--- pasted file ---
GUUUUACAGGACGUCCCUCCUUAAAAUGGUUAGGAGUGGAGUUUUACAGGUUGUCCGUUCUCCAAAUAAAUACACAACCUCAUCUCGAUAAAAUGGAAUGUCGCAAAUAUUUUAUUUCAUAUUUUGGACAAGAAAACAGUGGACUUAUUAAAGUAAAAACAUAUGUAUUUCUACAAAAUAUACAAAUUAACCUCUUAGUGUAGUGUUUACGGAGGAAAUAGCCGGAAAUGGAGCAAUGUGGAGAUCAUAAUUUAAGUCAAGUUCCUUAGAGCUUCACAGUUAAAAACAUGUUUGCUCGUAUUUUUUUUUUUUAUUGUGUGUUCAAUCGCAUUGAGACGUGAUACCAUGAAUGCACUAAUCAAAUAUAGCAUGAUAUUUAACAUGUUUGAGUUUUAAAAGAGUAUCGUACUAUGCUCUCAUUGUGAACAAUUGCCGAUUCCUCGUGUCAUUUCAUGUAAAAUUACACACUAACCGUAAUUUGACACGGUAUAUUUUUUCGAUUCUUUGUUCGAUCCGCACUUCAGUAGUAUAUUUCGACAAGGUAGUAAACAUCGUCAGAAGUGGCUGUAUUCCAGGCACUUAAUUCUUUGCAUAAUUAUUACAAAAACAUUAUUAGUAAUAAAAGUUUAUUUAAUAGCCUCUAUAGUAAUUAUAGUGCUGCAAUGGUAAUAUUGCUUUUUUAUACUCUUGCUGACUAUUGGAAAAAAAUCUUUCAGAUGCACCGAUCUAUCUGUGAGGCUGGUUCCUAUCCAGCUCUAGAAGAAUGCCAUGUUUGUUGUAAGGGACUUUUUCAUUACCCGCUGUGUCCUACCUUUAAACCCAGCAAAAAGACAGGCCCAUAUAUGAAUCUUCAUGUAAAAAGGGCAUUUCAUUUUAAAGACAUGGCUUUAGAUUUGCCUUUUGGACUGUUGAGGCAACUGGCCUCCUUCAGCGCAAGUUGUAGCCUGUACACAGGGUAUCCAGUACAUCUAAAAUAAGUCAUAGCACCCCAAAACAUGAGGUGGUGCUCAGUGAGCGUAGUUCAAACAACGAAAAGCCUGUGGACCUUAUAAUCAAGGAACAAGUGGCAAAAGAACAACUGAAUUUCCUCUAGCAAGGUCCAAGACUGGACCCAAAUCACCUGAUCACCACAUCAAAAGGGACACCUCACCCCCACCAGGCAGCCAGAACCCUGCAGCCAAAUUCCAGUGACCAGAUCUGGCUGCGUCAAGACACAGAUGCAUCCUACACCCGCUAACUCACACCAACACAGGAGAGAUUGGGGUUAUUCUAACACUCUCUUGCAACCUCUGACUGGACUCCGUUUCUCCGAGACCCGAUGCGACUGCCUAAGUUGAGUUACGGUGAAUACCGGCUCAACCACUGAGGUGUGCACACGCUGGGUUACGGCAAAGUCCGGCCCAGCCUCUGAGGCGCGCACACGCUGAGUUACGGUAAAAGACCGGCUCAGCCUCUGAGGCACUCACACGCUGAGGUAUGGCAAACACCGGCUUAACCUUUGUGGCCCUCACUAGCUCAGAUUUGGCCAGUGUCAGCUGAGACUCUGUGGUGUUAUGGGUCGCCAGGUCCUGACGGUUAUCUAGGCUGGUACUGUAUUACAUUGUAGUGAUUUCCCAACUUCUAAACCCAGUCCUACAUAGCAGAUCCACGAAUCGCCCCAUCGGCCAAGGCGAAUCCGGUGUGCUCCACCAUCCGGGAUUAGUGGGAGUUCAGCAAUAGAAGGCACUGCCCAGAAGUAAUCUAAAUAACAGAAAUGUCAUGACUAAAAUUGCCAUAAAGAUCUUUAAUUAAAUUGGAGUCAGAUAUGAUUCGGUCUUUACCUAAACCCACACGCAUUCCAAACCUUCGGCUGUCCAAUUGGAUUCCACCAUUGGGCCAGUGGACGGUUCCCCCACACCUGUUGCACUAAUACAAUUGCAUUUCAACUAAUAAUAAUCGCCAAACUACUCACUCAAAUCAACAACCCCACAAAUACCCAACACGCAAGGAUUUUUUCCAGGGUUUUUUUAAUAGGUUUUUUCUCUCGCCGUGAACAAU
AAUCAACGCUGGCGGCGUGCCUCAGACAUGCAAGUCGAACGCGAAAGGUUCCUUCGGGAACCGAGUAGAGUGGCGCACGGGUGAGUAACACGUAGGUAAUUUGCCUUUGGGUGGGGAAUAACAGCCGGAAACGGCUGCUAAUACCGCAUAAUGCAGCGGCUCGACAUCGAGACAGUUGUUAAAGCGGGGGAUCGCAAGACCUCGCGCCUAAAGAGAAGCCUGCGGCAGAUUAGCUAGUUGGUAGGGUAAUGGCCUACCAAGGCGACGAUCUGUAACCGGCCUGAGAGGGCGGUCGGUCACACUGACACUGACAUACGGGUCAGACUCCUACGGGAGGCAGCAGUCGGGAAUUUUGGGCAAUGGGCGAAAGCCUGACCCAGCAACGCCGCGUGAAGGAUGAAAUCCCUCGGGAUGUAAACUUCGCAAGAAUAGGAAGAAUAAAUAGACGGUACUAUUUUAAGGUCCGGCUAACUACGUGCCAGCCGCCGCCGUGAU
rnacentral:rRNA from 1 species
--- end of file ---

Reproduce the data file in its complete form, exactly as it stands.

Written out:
GUUUUACAGGACGUCCCUCCUUAAAAUGGUUAGGAGUGGAGUUUUACAGGUUGUCCGUUCUCCAAAUAAAUACACAACCUCAUCUCGAUAAAAUGGAAUGUCGCAAAUAUUUUAUUUCAUAUUUUGGACAAGAAAACAGUGGACUUAUUAAAGUAAAAACAUAUGUAUUUCUACAAAAUAUACAAAUUAACCUCUUAGUGUAGUGUUUACGGAGGAAAUAGCCGGAAAUGGAGCAAUGUGGAGAUCAUAAUUUAAGUCAAGUUCCUUAGAGCUUCACAGUUAAAAACAUGUUUGCUCGUAUUUUUUUUUUUUAUUGUGUGUUCAAUCGCAUUGAGACGUGAUACCAUGAAUGCACUAAUCAAAUAUAGCAUGAUAUUUAACAUGUUUGAGUUUUAAAAGAGUAUCGUACUAUGCUCUCAUUGUGAACAAUUGCCGAUUCCUCGUGUCAUUUCAUGUAAAAUUACACACUAACCGUAAUUUGACACGGUAUAUUUUUUCGAUUCUUUGUUCGAUCCGCACUUCAGUAGUAUAUUUCGACAAGGUAGUAAACAUCGUCAGAAGUGGCUGUAUUCCAGGCACUUAAUUCUUUGCAUAAUUAUUACAAAAACAUUAUUAGUAAUAAAAGUUUAUUUAAUAGCCUCUAUAGUAAUUAUAGUGCUGCAAUGGUAAUAUUGCUUUUUUAUACUCUUGCUGACUAUUGGAAAAAAAUCUUUCAGAUGCACCGAUCUAUCUGUGAGGCUGGUUCCUAUCCAGCUCUAGAAGAAUGCCAUGUUUGUUGUAAGGGACUUUUUCAUUACCCGCUGUGUCCUACCUUUAAACCCAGCAAAAAGACAGGCCCAUAUAUGAAUCUUCAUGUAAAAAGGGCAUUUCAUUUUAAAGACAUGGCUUUAGAUUUGCCUUUUGGACUGUUGAGGCAACUGGCCUCCUUCAGCGCAAGUUGUAGCCUGUACACAGGGUAUCCAGUACAUCUAAAAUAAGUCAUAGCACCCCAAAACAUGAGGUGGUGCUCAGUGAGCGUAGUUCAAACAACGAAAAGCCUGUGGACCUUAUAAUCAAGGAACAAGUGGCAAAAGAACAACUGAAUUUCCUCUAGCAAGGUCCAAGACUGGACCCAAAUCACCUGAUCACCACAUCAAAAGGGACACCUCACCCCCACCAGGCAGCCAGAACCCUGCAGCCAAAUUCCAGUGACCAGAUCUGGCUGCGUCAAGACACAGAUGCAUCCUACACCCGCUAACUCACACCAACACAGGAGAGAUUGGGGUUAUUCUAACACUCUCUUGCAACCUCUGACUGGACUCCGUUUCUCCGAGACCCGAUGCGACUGCCUAAGUUGAGUUACGGUGAAUACCGGCUCAACCACUGAGGUGUGCACACGCUGGGUUACGGCAAAGUCCGGCCCAGCCUCUGAGGCGCGCACACGCUGAGUUACGGUAAAAGACCGGCUCAGCCUCUGAGGCACUCACACGCUGAGGUAUGGCAAACACCGGCUUAACCUUUGUGGCCCUCACUAGCUCAGAUUUGGCCAGUGUCAGCUGAGACUCUGUGGUGUUAUGGGUCGCCAGGUCCUGACGGUUAUCUAGGCUGGUACUGUAUUACAUUGUAGUGAUUUCCCAACUUCUAAACCCAGUCCUACAUAGCAGAUCCACGAAUCGCCCCAUCGGCCAAGGCGAAUCCGGUGUGCUCCACCAUCCGGGAUUAGUGGGAGUUCAGCAAUAGAAGGCACUGCCCAGAAGUAAUCUAAAUAACAGAAAUGUCAUGACUAAAAUUGCCAUAAAGAUCUUUAAUUAAAUUGGAGUCAGAUAUGAUUCGGUCUUUACCUAAACCCACACGCAUUCCAAACCUUCGGCUGUCCAAUUGGAUUCCACCAUUGGGCCAGUGGACGGUUCCCCCACACCUGUUGCACUAAUACAAUUGCAUUUCAACUAAUAAUAAUCGCCAAACUACUCACUCAAAUCAACAACCCCACAAAUACCCAACACGCAAGGAUUUUUUCCAGGGUUUUUUUAAUAGGUUUUUUCUCUCGCCGUGAACAAU
AAUCAACGCUGGCGGCGUGCCUCAGACAUGCAAGUCGAACGCGAAAGGUUCCUUCGGGAACCGAGUAGAGUGGCGCACGGGUGAGUAACACGUAGGUAAUUUGCCUUUGGGUGGGGAAUAACAGCCGGAAACGGCUGCUAAUACCGCAUAAUGCAGCGGCUCGACAUCGAGACAGUUGUUAAAGCGGGGGAUCGCAAGACCUCGCGCCUAAAGAGAAGCCUGCGGCAGAUUAGCUAGUUGGUAGGGUAAUGGCCUACCAAGGCGACGAUCUGUAACCGGCCUGAGAGGGCGGUCGGUCACACUGACACUGACAUACGGGUCAGACUCCUACGGGAGGCAGCAGUCGGGAAUUUUGGGCAAUGGGCGAAAGCCUGACCCAGCAACGCCGCGUGAAGGAUGAAAUCCCUCGGGAUGUAAACUUCGCAAGAAUAGGAAGAAUAAAUAGACGGUACUAUUUUAAGGUCCGGCUAACUACGUGCCAGCCGCCGCCGUGAU
rnacentral:rRNA from 1 species